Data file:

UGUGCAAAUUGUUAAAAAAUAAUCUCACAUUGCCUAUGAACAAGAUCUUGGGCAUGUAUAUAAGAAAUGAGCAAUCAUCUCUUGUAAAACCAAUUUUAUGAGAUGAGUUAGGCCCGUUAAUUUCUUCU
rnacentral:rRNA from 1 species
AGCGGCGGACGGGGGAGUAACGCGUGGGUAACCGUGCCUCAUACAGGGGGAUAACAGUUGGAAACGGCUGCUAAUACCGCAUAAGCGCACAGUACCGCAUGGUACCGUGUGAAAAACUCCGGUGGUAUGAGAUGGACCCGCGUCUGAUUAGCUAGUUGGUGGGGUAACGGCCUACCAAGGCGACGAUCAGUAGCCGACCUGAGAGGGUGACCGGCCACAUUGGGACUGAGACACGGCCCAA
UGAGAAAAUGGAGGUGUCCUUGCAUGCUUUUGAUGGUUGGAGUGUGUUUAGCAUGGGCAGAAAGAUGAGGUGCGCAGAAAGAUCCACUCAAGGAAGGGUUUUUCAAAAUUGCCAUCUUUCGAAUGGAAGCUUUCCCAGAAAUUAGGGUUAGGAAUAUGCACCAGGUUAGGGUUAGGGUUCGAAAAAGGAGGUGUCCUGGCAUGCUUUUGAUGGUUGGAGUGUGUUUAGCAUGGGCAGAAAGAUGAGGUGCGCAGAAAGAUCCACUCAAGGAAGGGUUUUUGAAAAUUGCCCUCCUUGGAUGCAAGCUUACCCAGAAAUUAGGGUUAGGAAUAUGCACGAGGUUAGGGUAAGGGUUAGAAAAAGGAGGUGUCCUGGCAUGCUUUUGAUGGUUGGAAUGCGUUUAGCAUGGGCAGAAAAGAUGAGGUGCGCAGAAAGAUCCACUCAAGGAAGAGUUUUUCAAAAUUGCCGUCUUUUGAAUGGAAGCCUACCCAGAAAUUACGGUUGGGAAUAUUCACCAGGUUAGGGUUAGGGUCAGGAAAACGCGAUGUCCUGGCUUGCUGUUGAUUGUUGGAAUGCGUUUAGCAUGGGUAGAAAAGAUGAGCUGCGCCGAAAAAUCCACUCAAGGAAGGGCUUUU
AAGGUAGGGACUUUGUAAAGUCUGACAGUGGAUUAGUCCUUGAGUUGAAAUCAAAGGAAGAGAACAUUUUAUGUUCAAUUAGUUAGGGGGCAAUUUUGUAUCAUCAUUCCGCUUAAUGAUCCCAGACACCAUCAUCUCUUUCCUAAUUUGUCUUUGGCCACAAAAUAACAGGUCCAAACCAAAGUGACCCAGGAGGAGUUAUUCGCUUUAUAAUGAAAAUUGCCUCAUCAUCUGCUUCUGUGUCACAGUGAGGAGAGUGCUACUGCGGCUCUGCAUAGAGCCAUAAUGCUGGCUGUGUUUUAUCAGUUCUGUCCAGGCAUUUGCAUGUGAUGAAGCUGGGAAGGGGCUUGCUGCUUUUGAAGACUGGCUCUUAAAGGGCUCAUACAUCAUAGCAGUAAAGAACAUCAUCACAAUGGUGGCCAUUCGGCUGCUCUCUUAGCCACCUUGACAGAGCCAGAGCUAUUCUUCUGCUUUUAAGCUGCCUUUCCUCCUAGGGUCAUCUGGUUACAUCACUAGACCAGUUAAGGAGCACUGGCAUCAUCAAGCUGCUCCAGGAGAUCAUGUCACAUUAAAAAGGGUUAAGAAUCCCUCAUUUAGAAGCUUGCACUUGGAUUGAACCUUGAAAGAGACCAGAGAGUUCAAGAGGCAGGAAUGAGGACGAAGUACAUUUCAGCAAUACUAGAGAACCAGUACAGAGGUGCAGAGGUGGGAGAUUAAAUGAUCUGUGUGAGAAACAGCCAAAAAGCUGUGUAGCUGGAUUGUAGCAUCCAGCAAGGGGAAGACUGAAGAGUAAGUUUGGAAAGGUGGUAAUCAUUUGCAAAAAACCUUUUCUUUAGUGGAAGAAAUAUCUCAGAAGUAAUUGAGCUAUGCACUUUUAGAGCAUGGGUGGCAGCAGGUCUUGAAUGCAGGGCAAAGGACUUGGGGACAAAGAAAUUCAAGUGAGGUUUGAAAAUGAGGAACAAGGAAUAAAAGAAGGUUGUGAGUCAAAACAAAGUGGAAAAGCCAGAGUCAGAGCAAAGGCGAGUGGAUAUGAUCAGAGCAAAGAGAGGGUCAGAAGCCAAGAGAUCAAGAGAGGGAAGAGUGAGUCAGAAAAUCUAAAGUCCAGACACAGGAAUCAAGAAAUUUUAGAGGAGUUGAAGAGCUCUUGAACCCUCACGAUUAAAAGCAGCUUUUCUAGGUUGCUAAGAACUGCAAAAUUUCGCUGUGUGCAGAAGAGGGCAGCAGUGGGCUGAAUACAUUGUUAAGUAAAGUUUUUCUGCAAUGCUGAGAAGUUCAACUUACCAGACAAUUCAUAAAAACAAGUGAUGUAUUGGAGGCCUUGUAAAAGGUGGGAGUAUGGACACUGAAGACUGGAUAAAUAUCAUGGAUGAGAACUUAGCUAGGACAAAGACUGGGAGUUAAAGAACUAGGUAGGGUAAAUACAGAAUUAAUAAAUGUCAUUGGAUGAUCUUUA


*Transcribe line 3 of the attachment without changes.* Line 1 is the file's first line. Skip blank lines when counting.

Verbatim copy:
AGCGGCGGACGGGGGAGUAACGCGUGGGUAACCGUGCCUCAUACAGGGGGAUAACAGUUGGAAACGGCUGCUAAUACCGCAUAAGCGCACAGUACCGCAUGGUACCGUGUGAAAAACUCCGGUGGUAUGAGAUGGACCCGCGUCUGAUUAGCUAGUUGGUGGGGUAACGGCCUACCAAGGCGACGAUCAGUAGCCGACCUGAGAGGGUGACCGGCCACAUUGGGACUGAGACACGGCCCAA